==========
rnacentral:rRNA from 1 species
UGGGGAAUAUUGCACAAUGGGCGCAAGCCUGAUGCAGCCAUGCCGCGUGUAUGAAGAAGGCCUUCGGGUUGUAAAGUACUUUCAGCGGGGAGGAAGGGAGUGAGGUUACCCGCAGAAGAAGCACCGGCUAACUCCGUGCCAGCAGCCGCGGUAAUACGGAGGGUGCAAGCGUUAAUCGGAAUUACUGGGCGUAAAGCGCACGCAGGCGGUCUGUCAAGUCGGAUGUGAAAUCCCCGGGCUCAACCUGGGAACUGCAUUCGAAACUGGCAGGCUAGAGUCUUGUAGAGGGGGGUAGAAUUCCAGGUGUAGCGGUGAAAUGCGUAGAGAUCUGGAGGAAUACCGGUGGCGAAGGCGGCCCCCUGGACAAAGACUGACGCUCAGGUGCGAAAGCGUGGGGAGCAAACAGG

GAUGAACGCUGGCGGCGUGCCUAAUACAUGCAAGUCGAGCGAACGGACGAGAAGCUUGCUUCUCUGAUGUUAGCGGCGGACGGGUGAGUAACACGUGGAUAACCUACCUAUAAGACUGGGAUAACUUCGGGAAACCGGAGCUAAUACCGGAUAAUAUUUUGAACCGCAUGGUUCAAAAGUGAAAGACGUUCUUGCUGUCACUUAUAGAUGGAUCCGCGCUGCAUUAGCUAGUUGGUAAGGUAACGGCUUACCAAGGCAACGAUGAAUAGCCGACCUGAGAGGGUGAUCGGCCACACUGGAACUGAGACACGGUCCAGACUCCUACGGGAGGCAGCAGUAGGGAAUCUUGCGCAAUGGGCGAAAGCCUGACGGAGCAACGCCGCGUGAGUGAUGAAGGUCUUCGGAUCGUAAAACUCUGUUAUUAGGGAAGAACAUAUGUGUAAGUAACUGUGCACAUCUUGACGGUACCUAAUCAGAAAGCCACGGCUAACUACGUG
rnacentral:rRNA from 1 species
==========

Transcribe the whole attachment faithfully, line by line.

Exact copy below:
rnacentral:rRNA from 1 species
UGGGGAAUAUUGCACAAUGGGCGCAAGCCUGAUGCAGCCAUGCCGCGUGUAUGAAGAAGGCCUUCGGGUUGUAAAGUACUUUCAGCGGGGAGGAAGGGAGUGAGGUUACCCGCAGAAGAAGCACCGGCUAACUCCGUGCCAGCAGCCGCGGUAAUACGGAGGGUGCAAGCGUUAAUCGGAAUUACUGGGCGUAAAGCGCACGCAGGCGGUCUGUCAAGUCGGAUGUGAAAUCCCCGGGCUCAACCUGGGAACUGCAUUCGAAACUGGCAGGCUAGAGUCUUGUAGAGGGGGGUAGAAUUCCAGGUGUAGCGGUGAAAUGCGUAGAGAUCUGGAGGAAUACCGGUGGCGAAGGCGGCCCCCUGGACAAAGACUGACGCUCAGGUGCGAAAGCGUGGGGAGCAAACAGG

GAUGAACGCUGGCGGCGUGCCUAAUACAUGCAAGUCGAGCGAACGGACGAGAAGCUUGCUUCUCUGAUGUUAGCGGCGGACGGGUGAGUAACACGUGGAUAACCUACCUAUAAGACUGGGAUAACUUCGGGAAACCGGAGCUAAUACCGGAUAAUAUUUUGAACCGCAUGGUUCAAAAGUGAAAGACGUUCUUGCUGUCACUUAUAGAUGGAUCCGCGCUGCAUUAGCUAGUUGGUAAGGUAACGGCUUACCAAGGCAACGAUGAAUAGCCGACCUGAGAGGGUGAUCGGCCACACUGGAACUGAGACACGGUCCAGACUCCUACGGGAGGCAGCAGUAGGGAAUCUUGCGCAAUGGGCGAAAGCCUGACGGAGCAACGCCGCGUGAGUGAUGAAGGUCUUCGGAUCGUAAAACUCUGUUAUUAGGGAAGAACAUAUGUGUAAGUAACUGUGCACAUCUUGACGGUACCUAAUCAGAAAGCCACGGCUAACUACGUG
rnacentral:rRNA from 1 species